Students Won’t Stop Making Threats, So Sheriff Is Going After Parents

Fifteen students have been charged with making threats in Volusia County since the Valentine’s Day murders in Parkland.

Volusia County, FL – One Florida sheriff has had enough of threats and hoaxes shutting down schools and using up police resources in the wake of the Marjory Stoneman Douglas High School shootings.

In one Volusia County school district alone, 15 juveniles are now facing felony threat charges since the shooting.

Volusia County Sheriff Mike Chitwood said he was going to make parents more accountable for their children’s behavior after four more students were arrested on Thursday for threats of violence toward other students or their schools, WFLA reported.

Sheriff Chitwood announced that students, or their parents, will be responsible for reimbursing the county for the cost of the police response to their threats.

“Last week, I said, ‘You don’t want me raising your child. You don’t want me involved in your family life.’ Well, now you have me, because yesterday was just out of control,” Sheriff Chitwood said, according to WFXT.

“You want to act like a knucklehead? You’re going to be a knucklehead in handcuffs. And I’m telling the parents, sit your child down and tell them. You don’t want Chitwood raising your kid, because if Chitwood is raising your kid, the only jewelry they’re ever going to have is a pair of handcuffs on them,” the sheriff told WFLA.

The minimum cost for law enforcement to respond to a school threat was more than $1,000, but the sheriff said it could be much more expensive, depending on the nature of the threat and what kind of resources are required to investigate it, WFLA reported.

Fifteen students in Volusia County were facing felony charges and possible prison time for making threats since the Feb. 14 massacre in Parkland, which left 17 students and faculty dead, and other 14 wounded.

“We’re not joking around,” Volusia County Schools spokeswoman Nancy Wait told WCMH.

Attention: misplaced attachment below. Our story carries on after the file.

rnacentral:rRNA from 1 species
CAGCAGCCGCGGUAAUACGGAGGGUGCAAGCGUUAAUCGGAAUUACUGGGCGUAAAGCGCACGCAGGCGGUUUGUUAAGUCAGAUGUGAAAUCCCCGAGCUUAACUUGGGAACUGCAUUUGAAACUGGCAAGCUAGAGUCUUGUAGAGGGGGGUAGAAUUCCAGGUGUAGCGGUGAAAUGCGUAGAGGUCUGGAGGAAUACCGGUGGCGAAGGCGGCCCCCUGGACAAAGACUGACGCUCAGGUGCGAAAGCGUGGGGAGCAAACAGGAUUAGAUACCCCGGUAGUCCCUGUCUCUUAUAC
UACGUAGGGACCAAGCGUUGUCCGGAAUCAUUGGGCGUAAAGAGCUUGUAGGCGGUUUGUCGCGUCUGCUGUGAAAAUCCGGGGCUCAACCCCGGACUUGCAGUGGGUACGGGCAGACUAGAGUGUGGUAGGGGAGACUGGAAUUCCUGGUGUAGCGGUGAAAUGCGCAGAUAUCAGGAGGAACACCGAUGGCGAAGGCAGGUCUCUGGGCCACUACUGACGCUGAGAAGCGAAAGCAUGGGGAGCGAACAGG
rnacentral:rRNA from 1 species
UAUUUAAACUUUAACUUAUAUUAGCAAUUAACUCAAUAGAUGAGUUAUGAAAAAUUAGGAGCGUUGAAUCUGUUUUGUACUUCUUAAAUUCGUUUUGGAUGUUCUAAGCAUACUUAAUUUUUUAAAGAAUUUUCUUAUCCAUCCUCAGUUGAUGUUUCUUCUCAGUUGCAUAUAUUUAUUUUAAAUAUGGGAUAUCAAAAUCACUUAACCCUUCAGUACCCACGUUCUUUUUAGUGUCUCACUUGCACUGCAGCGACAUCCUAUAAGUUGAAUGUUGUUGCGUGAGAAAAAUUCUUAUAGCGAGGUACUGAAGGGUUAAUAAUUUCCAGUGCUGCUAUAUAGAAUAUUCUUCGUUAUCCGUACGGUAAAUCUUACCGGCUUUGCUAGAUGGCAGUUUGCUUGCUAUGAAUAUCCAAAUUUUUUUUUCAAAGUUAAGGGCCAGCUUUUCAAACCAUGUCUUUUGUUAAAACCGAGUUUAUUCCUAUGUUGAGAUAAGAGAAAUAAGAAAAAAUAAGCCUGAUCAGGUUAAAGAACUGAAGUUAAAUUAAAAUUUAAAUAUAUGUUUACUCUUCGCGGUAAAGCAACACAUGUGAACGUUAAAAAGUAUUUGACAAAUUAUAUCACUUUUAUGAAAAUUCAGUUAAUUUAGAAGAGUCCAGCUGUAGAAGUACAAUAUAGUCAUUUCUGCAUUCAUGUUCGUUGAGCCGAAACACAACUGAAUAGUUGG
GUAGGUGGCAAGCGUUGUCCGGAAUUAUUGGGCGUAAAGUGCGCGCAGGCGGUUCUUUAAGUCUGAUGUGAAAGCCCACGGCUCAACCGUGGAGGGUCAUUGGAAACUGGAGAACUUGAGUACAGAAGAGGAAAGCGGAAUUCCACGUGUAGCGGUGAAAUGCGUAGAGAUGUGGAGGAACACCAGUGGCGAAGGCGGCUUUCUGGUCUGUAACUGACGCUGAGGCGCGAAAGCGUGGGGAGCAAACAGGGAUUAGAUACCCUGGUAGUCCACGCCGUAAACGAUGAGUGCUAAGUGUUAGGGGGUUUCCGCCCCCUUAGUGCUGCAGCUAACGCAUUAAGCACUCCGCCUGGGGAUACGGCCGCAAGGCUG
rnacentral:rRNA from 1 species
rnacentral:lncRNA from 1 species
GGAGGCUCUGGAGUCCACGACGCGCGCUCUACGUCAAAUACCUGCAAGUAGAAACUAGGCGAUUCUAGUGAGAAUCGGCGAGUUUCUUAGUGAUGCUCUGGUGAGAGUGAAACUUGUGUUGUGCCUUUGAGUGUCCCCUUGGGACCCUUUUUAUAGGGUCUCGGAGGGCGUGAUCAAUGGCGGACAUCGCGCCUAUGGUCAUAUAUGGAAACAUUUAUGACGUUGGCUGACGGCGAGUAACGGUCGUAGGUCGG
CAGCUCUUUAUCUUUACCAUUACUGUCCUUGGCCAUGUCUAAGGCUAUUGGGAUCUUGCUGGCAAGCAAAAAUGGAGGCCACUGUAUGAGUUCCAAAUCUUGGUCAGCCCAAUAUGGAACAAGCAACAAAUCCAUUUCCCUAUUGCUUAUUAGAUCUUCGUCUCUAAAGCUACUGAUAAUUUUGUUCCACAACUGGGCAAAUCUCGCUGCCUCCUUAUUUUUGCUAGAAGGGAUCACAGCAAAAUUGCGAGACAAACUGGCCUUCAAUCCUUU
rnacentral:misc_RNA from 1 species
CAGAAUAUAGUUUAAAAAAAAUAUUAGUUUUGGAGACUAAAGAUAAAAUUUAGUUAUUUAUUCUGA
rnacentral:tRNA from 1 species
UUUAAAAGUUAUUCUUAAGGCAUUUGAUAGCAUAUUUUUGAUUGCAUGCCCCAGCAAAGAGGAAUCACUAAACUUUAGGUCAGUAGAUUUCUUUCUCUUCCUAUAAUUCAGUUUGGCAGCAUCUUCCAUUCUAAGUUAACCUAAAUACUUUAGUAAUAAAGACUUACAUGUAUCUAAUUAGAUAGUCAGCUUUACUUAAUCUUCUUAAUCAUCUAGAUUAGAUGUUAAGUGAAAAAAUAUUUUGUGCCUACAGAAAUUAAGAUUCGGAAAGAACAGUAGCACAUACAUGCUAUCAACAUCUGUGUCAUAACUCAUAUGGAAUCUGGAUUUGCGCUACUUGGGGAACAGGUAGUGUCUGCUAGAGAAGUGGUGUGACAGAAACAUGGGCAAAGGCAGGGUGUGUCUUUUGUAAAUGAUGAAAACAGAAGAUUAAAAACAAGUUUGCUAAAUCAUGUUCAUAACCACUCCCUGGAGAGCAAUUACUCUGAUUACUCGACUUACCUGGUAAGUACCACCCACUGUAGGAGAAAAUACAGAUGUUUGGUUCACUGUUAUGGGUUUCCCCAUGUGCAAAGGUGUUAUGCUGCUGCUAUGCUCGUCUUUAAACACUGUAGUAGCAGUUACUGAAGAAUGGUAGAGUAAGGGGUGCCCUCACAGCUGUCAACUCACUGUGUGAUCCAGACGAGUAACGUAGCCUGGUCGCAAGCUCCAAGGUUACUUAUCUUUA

“Unfortunately that word didn’t get to the students and we started seeing more students making threats in the classroom, and that was frightening to their classmates,” she said. “Most of the time these students didn’t have access to weapons, but they were still making threats to shoot up their schools.”

Many schools and police departments have been taking a tougher approach to the sort of behavior that might have been construed as a “prank” in the past.

WCMH reported that an Ohio organization that tracks school threats and violent incidents nationwide has documented a spike in threats across the county since the Valentine’s Day rampage at the Florida high school.

The Educator’s School Safety Network had counted 797 incidents as of Sunday, a seven-fold increase in the usual rate, according to Amy Klinger, the network’s director of programs.

In the 18 days since a former student murdered classmates and teachers in Parkland, there have been 743 threats of various kinds, including gun and bomb threats, WCMH reported.

They reported that 331 threats were made on social media, and another 119 threats were made verbally.

Klinger told WCMH that the mentality has shifted from treating school threats as pranks to treating them as crimes with actual consequences.

“They almost have to be,” she said. “Do we want to do this for the rest of the school year? Do we want to have this constant chaos and fear, and people being upset? How much learning is going on?”

Don Bridges, president of the National Association of School Resource Officers, told WCMH the number of threats decreases when school districts make it clear that the behavior won’t be tolerated.

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